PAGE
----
South Yorkshire’s first black policeman, star of Channel 4's Yorkshire Cop show, recalls horrendous abuse
Over the last 40 years, Bill Thomas has been a pillar of the community in South Yorkshire.
Moving to the area in 1981, he became the county’s first black policeman when he arrived from Leeds – and he remains committed to making the county a better place, still working as a volunteer with the force’s Inspiring Youth programme 10 years after he retired.
But this week, during Black History Month, he has revealed how tough it was becoming South Yorkshire’s first black officer, outlining the difficulties he faced to his son in a television documentary.
Bill, from Swinton, was told at school in Leeds he should not aspire to anything beyond working as a labourer because of the colour of his skin.
But he took his dad’s advice that if he wanted to do something, he should just do it.
He decided to join the police after riots in 1981 and was accepted into the force, almost 20 years before the Macpherson report forced the police to confront institutional racism.
Bill's four months at Dishforth police training centre, as the only black recruit, were tough.
One fellow trainee leapt on him as he slept, spitting abuse. Others took his notebook and defaced it. Superior officers refused to listen to his protests.
But he got on with it and was soon stationed at Rawmarsh Police Station.
It was a tough time, and his work saw him involved in policing the miners strike. He was at Orgreave.
He was also drafted in to police a National Front March in Sheffield, having to protect those on the march.
He said: “That was not difficult to do. When you start the job, you’re aware you’re going to do things that are not necessarily your first choice. You just remember you’re not on the protesters' side – your job is to maintain peace.
"But what came out of it, was that there were people who cared about what I was doing. One man come up to me and shook my hand and said he had never seen anyone like me in the uniform.”
Bill said policing the streets of South Yorkshire was not as bad as people had told him it would be.
"I was well prepared,” he told The Star. “I had been told people may be against seeing a black face – but it didn’t really turn out like that. It was more surprise. For instance, I said good morning to a couple of ladies at a bus stop. They said ‘bl**dy hell, he speaks English. The first couple of weeks, it was brand new for the local kids, and they followed me round like the pied piper. It was nothing I felt uncomfortable with toward me.”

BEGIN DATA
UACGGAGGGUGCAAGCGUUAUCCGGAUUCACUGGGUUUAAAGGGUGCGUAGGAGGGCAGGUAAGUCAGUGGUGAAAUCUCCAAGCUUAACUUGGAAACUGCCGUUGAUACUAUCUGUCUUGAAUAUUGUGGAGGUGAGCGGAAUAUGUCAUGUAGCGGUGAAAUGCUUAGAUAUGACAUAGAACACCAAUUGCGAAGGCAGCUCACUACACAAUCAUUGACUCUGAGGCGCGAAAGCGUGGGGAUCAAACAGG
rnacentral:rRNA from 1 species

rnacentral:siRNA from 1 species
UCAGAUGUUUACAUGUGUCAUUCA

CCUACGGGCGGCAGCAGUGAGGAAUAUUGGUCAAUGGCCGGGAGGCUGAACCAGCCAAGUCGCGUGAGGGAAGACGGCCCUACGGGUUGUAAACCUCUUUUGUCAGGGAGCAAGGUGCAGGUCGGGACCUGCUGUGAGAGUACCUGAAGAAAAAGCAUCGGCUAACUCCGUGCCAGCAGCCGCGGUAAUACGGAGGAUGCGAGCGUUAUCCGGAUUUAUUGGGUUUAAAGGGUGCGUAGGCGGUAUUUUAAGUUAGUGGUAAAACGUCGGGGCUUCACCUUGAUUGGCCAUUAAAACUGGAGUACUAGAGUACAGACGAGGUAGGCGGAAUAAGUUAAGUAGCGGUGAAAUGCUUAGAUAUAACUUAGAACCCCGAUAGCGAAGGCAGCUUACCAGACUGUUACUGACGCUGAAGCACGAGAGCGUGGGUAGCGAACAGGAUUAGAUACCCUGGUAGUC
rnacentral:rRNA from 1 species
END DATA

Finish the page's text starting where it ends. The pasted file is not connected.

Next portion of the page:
He went on to become the community constable for Kilnhurst.
He became an important part of his local community. When many families were struggling, Bill set up a local association, organising fundraising activities 'to bring a little bit more happiness into the community'.
And having been the first black officer, he went on to help others.
As more black recruits joined the force, Bill set up the county’s first Black Police Association in the late 1980s. At first it was an informal arrangement. He had met other officers while at work while policing events like football matches. It became a formal organisation in the late 90s.
"From speaking to other officers, it was clear some support would be useful,” he said. “It was just to discuss if there was anything we could do differently. It was an element of reassurance, as simple as that. It would just be little things that were brought up.”
Bill is hopeful that things have improved for black officers in the force, but says it is 10 years since he retired. But he does feel that generally, police forces tend to look too much to outside organisations for advice about how best to deal with racial issues, rather than speaking to their own black officers, who he feels are in the best place to comment.
He said: “Policing is not about academia."
Since the documentary was made, people have come to Bill and said how much they enjoyed it. "They’ve got to know about me and my work in the community," he said. "I think it shows the strength of policing has to be in the communities, and that is where the emphasis should be.
"I would encourage others to follow in my footsteps. Ask yourself why you want to join, and join.
"I have no regrets. I worked hard on the circumstances I was presented with.
"I didn't pick up on the strength of feeling in the community of support for me until after the programme was shown.”
He said he thought he had helped make Kilnhurst and Swinton better places during his time as an officer there.
Bill feels that he was able to do good community policing. He remembers one incident, where an elderly couple were having a problem with children nearby. He introduced them to one another, and before long, the couple and the children became friends.
He also still remembers his first arrest, while he was based at Rawmarsh. It was a prolific shoplifter, who was stealing to feed a drug habit. “I think it was in Dalton,” he said.
"Someone once said the fact that I was out during the night saved them from getting mugged,” he added. “Someone had seen my silhouette, and said ’that’s Bobbie Bill'. Sometimes that’s all it takes”
Yorkshire Cop: Police, Racism And Me can be streamed on All 4.